The bent of such nationalism is made even more explicit when Adiga likens Gomes to – or claims that Goans regards Gomes as a “homegrown version” of – Vivekananda, Tilak and Gokhale, especially the first. The essay purports that Vivekananda and Gomes had similar visions of emancipation: “Vivekananda saw education and the renaissance of Hinduism as the answer. Gomes, who believed Hinduism was spent, pointed to education and Christianity.” As one might expect of a novel titled Os Brahamanes, the book – like Gomes’ own politics and thinking – is not without orientalist or elitist notions. Albeit, in describing some of Gomes’ narrative as being “Orientalist escapism,” Adiga spotlights the novelist’s indignation at the inherent contradictions of European colonialism. The essay quotes Gomes’ novel as declaring that if “the law of Christ governs European civilisation [...] [i]t is a lie – Europe tramples upon Asia and America, and all trample upon poor Africa – the Black races of Africa are the pariahs of the Brahmans of Europe and America.” Idealism, no doubt, but it is in this regard for the oppressed beyond the confines of nation and religion that one can locate the conspicuous distinctions between Gomes and Vivekananda.

In “Dharma for the State?” - an article that also appeared in Outlook India (21 January, 2013) - writer Jyotirmaya Sharma begins by underscoring the “one phrase [...] that effortlessly invokes the name and memory of Ramakrishna,” who was Vivekananda’s mentor: “Ramakrishna’s catholicity.” The article, which is an excerpt from Sharma’s book Cosmic Love and Human Apathy: Swami Vivekananda’s Restatement of Religion (HarperCollins 2013), charges that “Vivekananda, more than anyone else, helped construct [...] this carefully edited, censored and wilfully misleading version of his master’s ‘catholicity’.” Like Gomes, Vivekananda travelled beyond his homeland in the 19th century. Sharma records how “[i]n 1896, Vivekananda gave two lectures in America and England on Ramakrishna.” Studying these lectures, Sharma finds “that they are placed entirely in the context of the glorious spiritual traditions of India as contrasted with the materialism of the West.” While on the one hand a decided subversion of the universality espoused by Ramakrishna, the essentialism Sharma infers from Vivekananda’s lectures may also be seen in Adiga’s aforementioned pronouncement of an East-West dichotomy founded upon casteist notions of restrictive purity.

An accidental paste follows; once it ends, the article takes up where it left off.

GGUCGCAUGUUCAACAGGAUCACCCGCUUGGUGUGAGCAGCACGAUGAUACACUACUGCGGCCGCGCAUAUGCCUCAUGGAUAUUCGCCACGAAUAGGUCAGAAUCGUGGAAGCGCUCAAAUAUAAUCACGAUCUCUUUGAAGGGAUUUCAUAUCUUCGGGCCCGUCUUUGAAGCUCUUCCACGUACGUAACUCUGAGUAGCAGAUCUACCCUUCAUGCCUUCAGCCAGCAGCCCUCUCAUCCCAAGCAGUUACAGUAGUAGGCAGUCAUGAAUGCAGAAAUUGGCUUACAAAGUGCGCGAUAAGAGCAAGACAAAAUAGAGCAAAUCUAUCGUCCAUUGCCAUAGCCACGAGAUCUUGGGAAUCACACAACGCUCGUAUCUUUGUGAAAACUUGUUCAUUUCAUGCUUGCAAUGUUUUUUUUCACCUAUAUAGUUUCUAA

Of the lectures, Sharma goes on to mention that “[t]here are frequent references to Hinduism’s capacity to withstand external shocks, including the coming of materialism in the guise of the West and the flashing of the Islamic sword. Despite all this, the national ideals remained intact because they were Hindu ideals.” What should be perceived here, then, is not only the conflation of nationalism with Hinduism, but also the theorising of the religious state as needing to be masculinist in order to withstand purported threat. Accordingly, it is not only Vivekananda that Adiga troublingly aligns Gomes with, but also “Tilak and Gokhale” as if the only way to understand the Goan’s place in the Indian context is by placing him firmly within the male iconicity of nationalism.